Sep 09, 2019Since it was first launched in the early 2000s, RFID Journal has addressed issues related to the development and use of radio frequency identification technologies in business. The same is true of RFID Journal Brasil, which launched in 2011. But much has been done beyond this frontier, with other technologies—complementary to RFID or not—that impact business as intensely as RFID and its variants have been doing year after year, and with tags that go far beyond passive UHF.
Business is the engine of change. Consider, for example, that the packaging industry has found that, in addition to the benefits of traceability and inventory management, products that carry smart tags—or other features that allow companies to read additional data or activate applications—can generate services that complement each other. Imagine a wine label that could be read in multiple languages, with text always displayed in a consumer's native language.
This isn't just science fiction. Packaging truly is radically adapting to the needs of buyers, whether through information brought in the format and desire of each customer, or thanks to innovation in consumer experiences. This bottle of wine with this label already exists! It's the creation of an Australian company called Third Aurora. Imagine, then, what a beverage bottle could teach consumers about how to make a drink with other ingredients in an easy and fun way.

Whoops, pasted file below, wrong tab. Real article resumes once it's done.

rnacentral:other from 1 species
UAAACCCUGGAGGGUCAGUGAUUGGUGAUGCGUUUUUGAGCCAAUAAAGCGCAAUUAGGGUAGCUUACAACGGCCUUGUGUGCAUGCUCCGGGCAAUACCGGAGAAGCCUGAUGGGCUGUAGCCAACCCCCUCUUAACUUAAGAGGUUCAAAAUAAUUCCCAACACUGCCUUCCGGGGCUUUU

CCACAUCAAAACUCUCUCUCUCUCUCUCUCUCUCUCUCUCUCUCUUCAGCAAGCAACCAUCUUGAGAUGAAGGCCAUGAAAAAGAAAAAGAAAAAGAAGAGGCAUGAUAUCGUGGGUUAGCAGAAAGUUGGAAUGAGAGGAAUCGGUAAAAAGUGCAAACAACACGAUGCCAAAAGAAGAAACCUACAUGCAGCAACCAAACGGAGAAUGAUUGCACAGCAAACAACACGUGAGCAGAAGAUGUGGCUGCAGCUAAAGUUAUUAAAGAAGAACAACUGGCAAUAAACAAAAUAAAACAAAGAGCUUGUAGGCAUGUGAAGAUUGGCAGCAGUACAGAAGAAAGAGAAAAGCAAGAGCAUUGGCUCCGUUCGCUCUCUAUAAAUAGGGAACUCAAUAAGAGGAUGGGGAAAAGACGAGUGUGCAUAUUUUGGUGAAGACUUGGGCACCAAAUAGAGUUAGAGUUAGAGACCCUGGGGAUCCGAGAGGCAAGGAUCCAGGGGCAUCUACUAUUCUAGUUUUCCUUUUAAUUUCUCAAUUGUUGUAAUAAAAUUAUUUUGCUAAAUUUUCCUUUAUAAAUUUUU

Motivated by these fantastic creations, I often wonder about the limits that such technology developments could bring to business, and I end up imagining things that are sure to be on the supermarket shelves at our disposal shortly. The limits are those of our imagination.
One such idea: How cool it would be if, when you arrived at a physical retail store, an employee were to hand you special glasses so you could see how clothes could be matched, using your own personal avatar as a model? You could take a pair of pants and a T-shirt, then place them in front of you, and when you looked in the mirror, you would automatically be dressed in the chosen pieces, as though by magic.
Perhaps this same magic-mirror technology could tell you the ideal size of shirt and pants to buy in order to achieve the same result as shown in the picture. Or, perhaps, it could suggest adjustments that should be made to the parts to customize them. Smart mirrors have been studied and tested in practice for some years now, since RFID made it possible to automatically identify products at a low cost and without any human input, but now there are real opportunities for using this technological resource to provide many more customer benefits.
The important thing is not the technology per se, nor even the business itself. What I mean is that besides technological possibilities, inventory control, product authentication, traceability, efficiency gains and cost reductions, what matters is the consumer—who, at the end of the supply chain, is the one who will decide whether to purchase commodity A or B. Thus, it is the shopper who ultimately needs to be positively impacted.
I believe that if technology is used for all product phases, from manufacturing and selling to recycling, and with clear consumer gains in mind—including an enjoyable experience—then the investment in every bit of RFID hardware and software will have been worth it.